The Root of Grace
The Powerlessness of Man and the Power of God
Posted Thursday, July 25, 2013
When Eberhard Arnold gave a talk to members of his community on the occasion of his 50th birthday on July 26, 1933, he didn’t dwell on his accomplishments. Instead, he marveled at how God works in our lives even though we often stand in his way.
On this day I have been especially conscious of my lack of ability, of how unsuited my own nature is to the work I have been given. I have remembered how God called me when I was only sixteen, and how I have stood in his way - with the result that so much of what he wanted to do has been left unfinished. It remains a miracle nevertheless that his work has been revealed and testified to in us feeble human beings - not through our merits, but because we have been accepted again and again through the grace of Jesus and his forgiveness of sins.
I have had to think of Hermas, that early Christian writer who describes the building of the great temple how he refers to the many stones that must be thrown away. The masons try to use them, but if they do not fit, even after their corners have been chiseled down, then they must be thrown away - as far away as possible. And even the stones that are used must first be chiseled very sharply before they can be set into the wall...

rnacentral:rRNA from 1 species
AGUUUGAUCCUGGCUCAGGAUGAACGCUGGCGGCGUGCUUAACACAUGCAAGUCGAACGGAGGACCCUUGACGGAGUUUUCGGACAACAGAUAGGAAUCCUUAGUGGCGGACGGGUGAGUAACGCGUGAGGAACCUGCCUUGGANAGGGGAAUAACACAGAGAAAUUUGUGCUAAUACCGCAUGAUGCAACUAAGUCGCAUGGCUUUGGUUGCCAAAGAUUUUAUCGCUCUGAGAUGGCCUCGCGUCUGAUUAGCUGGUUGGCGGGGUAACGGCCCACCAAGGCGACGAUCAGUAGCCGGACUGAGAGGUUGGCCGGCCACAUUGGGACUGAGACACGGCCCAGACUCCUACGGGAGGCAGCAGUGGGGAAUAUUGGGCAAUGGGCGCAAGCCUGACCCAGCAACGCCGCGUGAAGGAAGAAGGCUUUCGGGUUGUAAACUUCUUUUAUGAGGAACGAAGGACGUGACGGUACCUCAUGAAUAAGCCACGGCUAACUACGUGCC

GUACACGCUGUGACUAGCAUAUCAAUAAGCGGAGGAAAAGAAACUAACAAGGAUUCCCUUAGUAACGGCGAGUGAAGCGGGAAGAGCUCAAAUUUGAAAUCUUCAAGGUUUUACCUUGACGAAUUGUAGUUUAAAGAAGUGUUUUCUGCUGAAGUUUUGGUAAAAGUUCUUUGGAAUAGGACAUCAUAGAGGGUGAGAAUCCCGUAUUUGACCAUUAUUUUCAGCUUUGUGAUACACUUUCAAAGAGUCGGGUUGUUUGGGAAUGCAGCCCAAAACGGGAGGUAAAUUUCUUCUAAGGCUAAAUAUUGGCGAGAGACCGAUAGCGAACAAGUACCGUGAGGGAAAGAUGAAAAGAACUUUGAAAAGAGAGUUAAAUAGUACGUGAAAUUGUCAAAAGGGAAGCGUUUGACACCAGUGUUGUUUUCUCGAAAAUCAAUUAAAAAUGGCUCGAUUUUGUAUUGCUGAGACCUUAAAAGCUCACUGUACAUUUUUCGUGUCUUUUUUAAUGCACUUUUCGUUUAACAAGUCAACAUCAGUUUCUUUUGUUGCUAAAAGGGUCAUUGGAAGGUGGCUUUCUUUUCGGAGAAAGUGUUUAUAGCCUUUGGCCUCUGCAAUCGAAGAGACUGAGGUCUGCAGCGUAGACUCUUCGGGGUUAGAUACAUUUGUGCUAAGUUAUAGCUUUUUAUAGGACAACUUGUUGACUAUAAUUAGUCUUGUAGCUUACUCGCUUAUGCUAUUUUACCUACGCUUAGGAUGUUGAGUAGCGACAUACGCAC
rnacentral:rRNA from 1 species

What concerns me most of all is the powerlessness of man, even of the man who has been entrusted with some task. Only God is mighty; we are completely powerless. Even for the work that has been given us, we are wholly without power. We cannot fit a single stone into the church community. We can provide no protection whatsoever for the community when it has been built up. We cannot even devote anything to the cause by our own power. We are completely without power. But just this is why God has called us: because we know we are powerless.
It is hard to describe how our own power must be stripped off us, how our own power must be dropped, dismantled, torn down, and put away. But it must happen, and it will not happen easily - nor through any single heroic decision. Rather, it must be done in us by God.
This is the root of grace: the dismantling of our own power. Only to the degree that our own power is dismantled will God give us his Spirit. If a little power of our own rises up amongst us, the Spirit and authority of God retreats in the same moment and to the corresponding degree. This is the single most important insight regarding the kingdom of God...
The Holy Spirit produces effects that are deadly for the old life and that at the same time have a wakening and rousing power for the new. So let us use this day to give glory to God. Let us pledge to him the dismantling of our own power. Let us declare our dependence upon grace.
Excerpted from Eberhard Arnold: Writings Selected.
Read the full text of Eberhard Arnold’s remarks at EberhardArnold.com.
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